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Countersink hole PCB Manufacturing

Countersink hole PCB manufacturer China, PCB prototype
Contract manufacturing of countersink hole pcb, Mass Production,
Low cost countersink hole PCB,Shenzhen,China/USA/UK/India/South Africa

Countersink hole

Countersink hole PCB Manufacturing

Countersink hole PCB prototype
sink hole Countersink hole PCB manufacturer China,

Countersink hole

Contract manufacturing of countersink hole pcb,

Countersink hole Low cost countersink hole PCB,
sink hole Shenzhen,China/USA/UK/India/South Africa

Countersink hole

Countersink hole PCB manufacturer China,

Countersink hole PCBs with Immersion Silver/Gold Surface Treatment
sink hole Countersink hole PCB Manufacturing

Countersink Hole PCB

  • Countersink Hole PCB
    A conical hole which is cut to allow the flat head screw to be used is called a countersink hole. It can also be called as a conical hole that is cut into a PCB laminate, or a hole created by using a drill. The main purpose is to let the head of a countersunk screw, once it is inserted and screwed down in the hole, to sit flush with the surface of the laminate. The cone shaped hole, which is cut into the PCB laminate, is a countersink. It is generally used to permit the tapered head of a screw to sit flush with the top or bottom of the laminate.
    A countersink is a cone shaped hole cut into the laminate. It is typically used to allow the tapered head of a screw to sit flush with the top of the laminate. By comparison, a counterbore makes a flat-bottomed hole and its sides are drilled straight down. This is usually used to fit a hex-headed cap or screw.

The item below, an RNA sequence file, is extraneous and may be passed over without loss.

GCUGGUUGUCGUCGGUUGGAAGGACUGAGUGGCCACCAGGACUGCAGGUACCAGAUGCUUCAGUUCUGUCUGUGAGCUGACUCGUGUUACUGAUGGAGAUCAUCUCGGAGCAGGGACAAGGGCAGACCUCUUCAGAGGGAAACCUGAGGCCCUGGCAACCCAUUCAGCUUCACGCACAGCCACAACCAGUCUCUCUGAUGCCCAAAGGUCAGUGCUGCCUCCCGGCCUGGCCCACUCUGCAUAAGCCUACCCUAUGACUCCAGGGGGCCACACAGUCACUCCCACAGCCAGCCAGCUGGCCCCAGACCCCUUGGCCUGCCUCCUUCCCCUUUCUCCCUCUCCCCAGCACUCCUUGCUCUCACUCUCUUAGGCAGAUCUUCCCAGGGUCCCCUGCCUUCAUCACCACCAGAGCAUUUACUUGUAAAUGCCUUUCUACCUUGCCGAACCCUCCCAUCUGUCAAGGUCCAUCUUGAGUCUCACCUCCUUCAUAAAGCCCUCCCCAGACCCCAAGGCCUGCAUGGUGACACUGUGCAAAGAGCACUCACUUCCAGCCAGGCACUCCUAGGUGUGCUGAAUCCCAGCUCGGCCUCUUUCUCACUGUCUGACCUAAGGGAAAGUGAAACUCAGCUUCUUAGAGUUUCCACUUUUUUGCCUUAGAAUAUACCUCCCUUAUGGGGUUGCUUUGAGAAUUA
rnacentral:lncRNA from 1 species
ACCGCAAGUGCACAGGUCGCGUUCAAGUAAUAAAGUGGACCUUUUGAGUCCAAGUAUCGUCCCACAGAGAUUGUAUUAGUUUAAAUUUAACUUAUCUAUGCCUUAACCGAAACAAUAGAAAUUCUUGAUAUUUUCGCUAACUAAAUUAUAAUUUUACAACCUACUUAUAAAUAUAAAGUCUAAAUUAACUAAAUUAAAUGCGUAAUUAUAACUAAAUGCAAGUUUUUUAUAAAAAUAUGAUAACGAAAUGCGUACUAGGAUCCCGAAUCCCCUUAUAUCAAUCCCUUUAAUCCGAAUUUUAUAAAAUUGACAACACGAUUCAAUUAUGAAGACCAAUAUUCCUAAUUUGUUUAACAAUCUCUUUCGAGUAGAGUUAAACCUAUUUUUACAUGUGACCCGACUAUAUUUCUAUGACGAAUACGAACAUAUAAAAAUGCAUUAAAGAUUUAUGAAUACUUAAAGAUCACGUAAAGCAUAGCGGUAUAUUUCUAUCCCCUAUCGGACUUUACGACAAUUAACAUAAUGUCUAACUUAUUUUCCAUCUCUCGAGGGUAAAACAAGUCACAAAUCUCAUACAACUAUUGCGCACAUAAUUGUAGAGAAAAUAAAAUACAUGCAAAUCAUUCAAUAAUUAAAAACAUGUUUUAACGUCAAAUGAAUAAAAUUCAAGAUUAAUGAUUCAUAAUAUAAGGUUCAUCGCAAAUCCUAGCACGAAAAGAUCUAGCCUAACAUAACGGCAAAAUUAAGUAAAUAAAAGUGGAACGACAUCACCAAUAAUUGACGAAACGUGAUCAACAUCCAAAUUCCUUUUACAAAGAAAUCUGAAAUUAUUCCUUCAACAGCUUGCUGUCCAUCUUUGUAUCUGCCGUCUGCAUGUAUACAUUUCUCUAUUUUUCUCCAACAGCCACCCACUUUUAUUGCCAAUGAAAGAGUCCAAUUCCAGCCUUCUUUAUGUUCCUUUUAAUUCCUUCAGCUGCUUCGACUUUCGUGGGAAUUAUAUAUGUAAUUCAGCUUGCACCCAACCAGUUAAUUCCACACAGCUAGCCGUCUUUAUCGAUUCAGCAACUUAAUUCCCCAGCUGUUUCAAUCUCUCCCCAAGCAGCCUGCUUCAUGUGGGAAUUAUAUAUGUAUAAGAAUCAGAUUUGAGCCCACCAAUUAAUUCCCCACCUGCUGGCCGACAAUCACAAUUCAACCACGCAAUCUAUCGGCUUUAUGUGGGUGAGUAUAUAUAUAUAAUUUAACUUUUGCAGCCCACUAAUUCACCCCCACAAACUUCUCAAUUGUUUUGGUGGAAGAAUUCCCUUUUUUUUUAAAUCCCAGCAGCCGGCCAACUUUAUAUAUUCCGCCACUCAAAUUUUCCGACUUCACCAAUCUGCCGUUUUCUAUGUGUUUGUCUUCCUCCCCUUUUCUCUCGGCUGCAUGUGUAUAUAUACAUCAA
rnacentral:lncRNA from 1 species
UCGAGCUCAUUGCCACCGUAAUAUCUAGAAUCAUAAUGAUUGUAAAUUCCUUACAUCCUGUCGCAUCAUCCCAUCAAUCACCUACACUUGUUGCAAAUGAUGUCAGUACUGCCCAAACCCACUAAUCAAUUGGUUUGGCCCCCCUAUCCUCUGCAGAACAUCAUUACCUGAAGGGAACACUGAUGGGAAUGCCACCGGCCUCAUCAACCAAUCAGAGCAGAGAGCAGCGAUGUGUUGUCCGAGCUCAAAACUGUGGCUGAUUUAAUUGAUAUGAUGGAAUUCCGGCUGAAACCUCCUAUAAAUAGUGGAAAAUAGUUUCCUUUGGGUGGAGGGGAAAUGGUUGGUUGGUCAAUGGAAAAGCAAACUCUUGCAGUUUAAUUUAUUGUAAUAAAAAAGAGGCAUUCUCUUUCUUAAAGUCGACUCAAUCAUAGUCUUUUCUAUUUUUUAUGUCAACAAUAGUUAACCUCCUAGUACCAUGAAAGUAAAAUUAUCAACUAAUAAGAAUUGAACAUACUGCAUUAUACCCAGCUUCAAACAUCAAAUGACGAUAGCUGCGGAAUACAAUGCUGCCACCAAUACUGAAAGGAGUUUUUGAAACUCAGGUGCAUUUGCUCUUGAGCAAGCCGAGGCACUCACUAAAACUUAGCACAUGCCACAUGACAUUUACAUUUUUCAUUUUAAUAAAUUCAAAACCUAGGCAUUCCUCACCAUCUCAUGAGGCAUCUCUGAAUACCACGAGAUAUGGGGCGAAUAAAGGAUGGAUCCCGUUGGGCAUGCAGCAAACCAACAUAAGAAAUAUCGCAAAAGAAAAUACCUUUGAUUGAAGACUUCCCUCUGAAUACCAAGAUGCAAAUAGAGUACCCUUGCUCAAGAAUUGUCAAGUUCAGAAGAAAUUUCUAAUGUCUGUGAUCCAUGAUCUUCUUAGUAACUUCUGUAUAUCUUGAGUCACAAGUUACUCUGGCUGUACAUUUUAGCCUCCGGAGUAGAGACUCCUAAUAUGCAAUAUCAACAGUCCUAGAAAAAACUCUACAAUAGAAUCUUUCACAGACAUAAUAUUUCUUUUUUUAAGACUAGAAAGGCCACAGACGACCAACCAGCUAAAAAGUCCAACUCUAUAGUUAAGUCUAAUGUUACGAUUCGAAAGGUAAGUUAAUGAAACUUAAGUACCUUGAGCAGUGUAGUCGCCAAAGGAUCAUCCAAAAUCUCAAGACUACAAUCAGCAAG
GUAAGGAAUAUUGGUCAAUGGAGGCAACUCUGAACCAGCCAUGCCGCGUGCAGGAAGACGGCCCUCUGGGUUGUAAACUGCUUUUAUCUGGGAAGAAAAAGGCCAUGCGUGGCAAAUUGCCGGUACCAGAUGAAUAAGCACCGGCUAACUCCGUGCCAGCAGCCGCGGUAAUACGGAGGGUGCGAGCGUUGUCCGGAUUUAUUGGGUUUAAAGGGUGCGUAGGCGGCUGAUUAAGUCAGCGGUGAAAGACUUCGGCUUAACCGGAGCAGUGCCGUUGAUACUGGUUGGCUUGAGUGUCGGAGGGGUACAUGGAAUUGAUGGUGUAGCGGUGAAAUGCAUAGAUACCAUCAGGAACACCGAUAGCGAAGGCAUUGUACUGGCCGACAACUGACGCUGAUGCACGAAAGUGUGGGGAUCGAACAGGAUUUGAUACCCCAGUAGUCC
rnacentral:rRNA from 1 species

To accurately drill your countersunk holes, we will need the following information.
    Angle of the drill
    Major Diameter (finished diameter of the hole at the surface)
    Depth the countersink is to be drilled
    On which side of the board is the sink? Top or Bottom?
    The finished diameter of the shaft of the hole
    Is the sink and shaft to be plated or non-plated?
    What is a Countersink Hole & How to Use it on PCB Pads
    Many people are perplexed by countersink holes (often called sink hole or countersunk hole) on PCB boards. Indeed these terms deserve a good explanation.
    A countersunk hole is simply a normal right cylindrical through-hole with an additional right conical section removed on the top. The cone angle is typically 82 or 100 degrees. A related term is counterbore hole which has an additional flat-bottomed hole. The following are two cross-section diagrams, courtesy of Wikipedia.
    Countersunk holes What is a Countersink Hole & How to Use it on PCB Pads
    Cross-sections of countersink holes of various chamfer angles
    Counterbore Cross Section What is a Countersink Hole & How to Use it on PCB Pads
    A cross-sectional diagram of a counterbore hole
    On a PCB pad, countersink or counterbore holes can be plated for unplated.
    A common usage of countersink or counterbore holes is to allow the head of a countersunk bolt or screw, when placed in the hole, to sit flush with or below the surface of the surrounding material.
    Countersink Hole is used in PCB board that sink the screw head into PCB laminate.so that the board looks clean and flat.countersink hole generally have two types of shapes.V figure Count-sink and T figure Count-Sink.

PCB Countersink hole

  • PCB Countersink hole
    When you plan to design countersink in your board, below information is required:
    Which side of countersink hole be drilled? Like Bottom Layer?
    Is the countersink hole plated or non-plated?
    What is countersink hole diameter(d2)?
    What is through hole diameter(d1)?
    What is the depth of countersink hole need to sink(t1)?
    What is angle of countersink hole(like 90 degree or other)?